Yesterday afternoon, I sat with a few of my colleagues in Amsterdam and we discussed what Apple was going to announce today. I wrote down our guesses and emailed them out to timestamp them.
Cxxxxx: New service that integrates movie rental/download with Front Row. Possible rebranding of iTunes into Showtime. Launch of a new iPod video with touchscreen. Steve Jobs is leaving the company. Lion King & Pearl Harbor on the iPod
Dxxxxx: New iPod with wifi access. Movies on iPod. New DRM.
Michael: Movies on iTunes. Airport for video that uses wifi to move video to near the TV.
I do believe that I made the most correct prediction.
For those so unlucky as to work with me, I have been predicting (ranting some might say) this type of move from Apple as opposed to the computer centric "home theater PC" mindset. The idea to place a fully fledged computer next to your TV. As someone that runs multiple computers in the house and has their media on a server, this is the last thing I want. Heat, sound, cable, and simply a place to put it make the HTPC a bad idea.
Microsoft tried some thing kind of like this with Windows Media Center PC but got caught up in their own rules. If you had a Media Center PC, there were extenders that allowed you do basically do what iTV will do. The problem is that Microsoft made it extremely hard to actually use Media Center Edition. Basically you had to buy a whole new computer to get the software. There are ways to get the software now without a new computer, but it's far from easy.
Apple got two things right that Microsoft got wrong. First, they give away iTunes for free on both Mac and Windows. Microsoft, best case, will sell you the software for $109 for Windows only. Second, Apple had the content people wanted ready to go. Microsoft did not.
Let's compare the score cards:
Apple - Free software for Mac & PC, online media store with music, television, and movies
Windows - $109 software for PC only, online media store with music
If Microsoft really wants to compete when Zune (their supposed iPod killer) is released, they should included the features of Media Center into Windows Media Player and release a Mac version of Windows Media Player and allow Zune, Media Center Extenders, and Xbox 360s to attach to it. That would level the playing field. I doubt that Microsoft will do this since they specialize in doing things only halfway right.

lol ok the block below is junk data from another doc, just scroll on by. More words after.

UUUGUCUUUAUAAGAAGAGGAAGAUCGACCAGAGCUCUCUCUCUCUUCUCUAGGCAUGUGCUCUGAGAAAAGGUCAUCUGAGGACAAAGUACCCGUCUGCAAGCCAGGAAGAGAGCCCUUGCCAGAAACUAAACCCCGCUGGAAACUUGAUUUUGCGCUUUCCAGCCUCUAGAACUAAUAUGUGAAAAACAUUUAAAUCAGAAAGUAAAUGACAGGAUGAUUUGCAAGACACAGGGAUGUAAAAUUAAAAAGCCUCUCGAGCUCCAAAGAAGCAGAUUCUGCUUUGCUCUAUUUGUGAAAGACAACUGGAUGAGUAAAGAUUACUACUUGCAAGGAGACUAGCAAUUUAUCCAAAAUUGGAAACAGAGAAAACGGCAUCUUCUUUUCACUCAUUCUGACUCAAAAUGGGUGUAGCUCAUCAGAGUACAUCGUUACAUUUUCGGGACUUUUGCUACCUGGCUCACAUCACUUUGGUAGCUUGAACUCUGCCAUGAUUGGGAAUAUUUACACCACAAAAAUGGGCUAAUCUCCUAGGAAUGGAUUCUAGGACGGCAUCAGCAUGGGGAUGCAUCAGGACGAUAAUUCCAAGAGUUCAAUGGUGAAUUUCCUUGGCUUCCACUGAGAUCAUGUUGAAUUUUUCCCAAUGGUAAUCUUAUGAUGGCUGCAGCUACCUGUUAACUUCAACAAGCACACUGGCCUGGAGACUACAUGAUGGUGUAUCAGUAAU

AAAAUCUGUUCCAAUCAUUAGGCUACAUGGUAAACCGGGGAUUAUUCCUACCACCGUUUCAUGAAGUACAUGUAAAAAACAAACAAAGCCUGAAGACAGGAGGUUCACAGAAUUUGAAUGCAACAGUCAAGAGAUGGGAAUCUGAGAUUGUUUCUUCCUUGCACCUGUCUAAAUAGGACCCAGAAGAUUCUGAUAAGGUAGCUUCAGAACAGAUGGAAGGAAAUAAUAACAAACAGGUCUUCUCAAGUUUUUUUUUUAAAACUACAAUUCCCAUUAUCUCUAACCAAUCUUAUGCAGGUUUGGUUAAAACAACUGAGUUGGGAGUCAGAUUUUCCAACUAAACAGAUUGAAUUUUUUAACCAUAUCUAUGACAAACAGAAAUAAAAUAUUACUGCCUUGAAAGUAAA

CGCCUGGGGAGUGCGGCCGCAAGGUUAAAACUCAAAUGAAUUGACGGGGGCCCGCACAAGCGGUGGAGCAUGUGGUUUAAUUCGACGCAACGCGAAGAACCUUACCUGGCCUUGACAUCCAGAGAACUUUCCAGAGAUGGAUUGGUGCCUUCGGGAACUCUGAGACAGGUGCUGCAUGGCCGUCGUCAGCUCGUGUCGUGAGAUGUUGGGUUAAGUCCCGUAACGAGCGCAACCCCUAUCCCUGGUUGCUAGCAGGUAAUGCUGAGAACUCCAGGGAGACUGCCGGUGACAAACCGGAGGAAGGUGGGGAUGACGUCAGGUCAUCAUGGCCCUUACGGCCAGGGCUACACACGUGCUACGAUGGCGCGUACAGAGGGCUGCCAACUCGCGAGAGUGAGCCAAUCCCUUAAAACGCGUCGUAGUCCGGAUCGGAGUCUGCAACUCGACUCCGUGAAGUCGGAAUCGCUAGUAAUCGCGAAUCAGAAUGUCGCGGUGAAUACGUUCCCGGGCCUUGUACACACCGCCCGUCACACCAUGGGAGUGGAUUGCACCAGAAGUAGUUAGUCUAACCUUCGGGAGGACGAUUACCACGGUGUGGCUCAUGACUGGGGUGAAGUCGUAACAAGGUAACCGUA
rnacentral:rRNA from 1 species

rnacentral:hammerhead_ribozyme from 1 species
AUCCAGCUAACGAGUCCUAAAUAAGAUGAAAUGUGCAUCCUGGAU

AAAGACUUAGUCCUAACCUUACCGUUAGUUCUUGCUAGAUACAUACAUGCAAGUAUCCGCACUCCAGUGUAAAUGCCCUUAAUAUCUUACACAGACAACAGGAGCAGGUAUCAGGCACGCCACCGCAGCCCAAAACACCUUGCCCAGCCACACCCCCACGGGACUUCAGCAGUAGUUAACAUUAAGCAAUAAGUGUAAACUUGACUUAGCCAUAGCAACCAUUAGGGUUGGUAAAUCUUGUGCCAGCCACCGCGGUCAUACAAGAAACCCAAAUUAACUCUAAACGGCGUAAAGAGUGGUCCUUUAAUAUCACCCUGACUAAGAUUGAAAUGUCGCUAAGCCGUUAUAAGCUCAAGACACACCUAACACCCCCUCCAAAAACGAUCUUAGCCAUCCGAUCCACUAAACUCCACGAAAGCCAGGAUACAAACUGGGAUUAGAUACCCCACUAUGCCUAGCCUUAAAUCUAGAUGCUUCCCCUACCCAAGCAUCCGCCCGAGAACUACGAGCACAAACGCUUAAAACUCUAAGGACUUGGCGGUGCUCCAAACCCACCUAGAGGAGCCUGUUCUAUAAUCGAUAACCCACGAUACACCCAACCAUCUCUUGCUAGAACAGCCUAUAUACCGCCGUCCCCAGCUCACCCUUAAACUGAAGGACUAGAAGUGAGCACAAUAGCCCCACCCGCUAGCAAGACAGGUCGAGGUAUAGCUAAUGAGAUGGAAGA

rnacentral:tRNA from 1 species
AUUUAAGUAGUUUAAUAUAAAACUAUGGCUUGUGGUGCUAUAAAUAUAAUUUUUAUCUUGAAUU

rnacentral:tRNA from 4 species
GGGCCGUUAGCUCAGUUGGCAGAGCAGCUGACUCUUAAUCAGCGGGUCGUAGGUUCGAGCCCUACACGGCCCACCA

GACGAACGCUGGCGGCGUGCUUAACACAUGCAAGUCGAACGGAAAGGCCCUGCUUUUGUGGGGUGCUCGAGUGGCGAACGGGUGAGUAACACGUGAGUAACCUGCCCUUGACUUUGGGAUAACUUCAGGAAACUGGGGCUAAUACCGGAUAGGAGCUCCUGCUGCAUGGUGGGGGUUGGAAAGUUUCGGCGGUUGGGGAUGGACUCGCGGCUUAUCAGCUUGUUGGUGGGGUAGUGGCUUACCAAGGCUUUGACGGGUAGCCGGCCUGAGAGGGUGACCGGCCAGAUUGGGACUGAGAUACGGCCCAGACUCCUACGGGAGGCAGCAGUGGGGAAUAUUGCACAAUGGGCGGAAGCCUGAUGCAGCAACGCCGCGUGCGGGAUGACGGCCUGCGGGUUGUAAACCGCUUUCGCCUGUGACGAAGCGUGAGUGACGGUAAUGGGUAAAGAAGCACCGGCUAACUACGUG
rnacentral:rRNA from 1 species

Apple is willing to fulling commit to new ideas and take on the risk of walking away from their existing safety zone. Microsoft has not been willing to do this. The biggest change they have made since releasing XP is to launch the Xbox. They have done a great job, but they seem to lack the will to really go in for the kill and make the Xbox the dominant machine in the home. Their focus on PCs running Windows in the home is keeping them from achieving the larger goal of Microsoft in the home.
This is the key point Apple gets and Microsoft misses.
Look, I like Microsoft and think they have some of the brighest people in the industry. But they really need to take the gloves off and let their product people stretch the limits, even if it changes some of their core focus on selling copies of the OS. The fact that they are walking away from the Mac is silly. They should be embracing the new Mac line with a version of Windows specifically for the Intel Mac. Windows Media Player should be just as available and useful on a Mac as on a PC.
Best case scenario, a media war between Apple and Microsoft for the living room with escalating volleys of neat new technologies. In that case, the consumer wins.Posted by michael at September 12, 2006 12:14 PM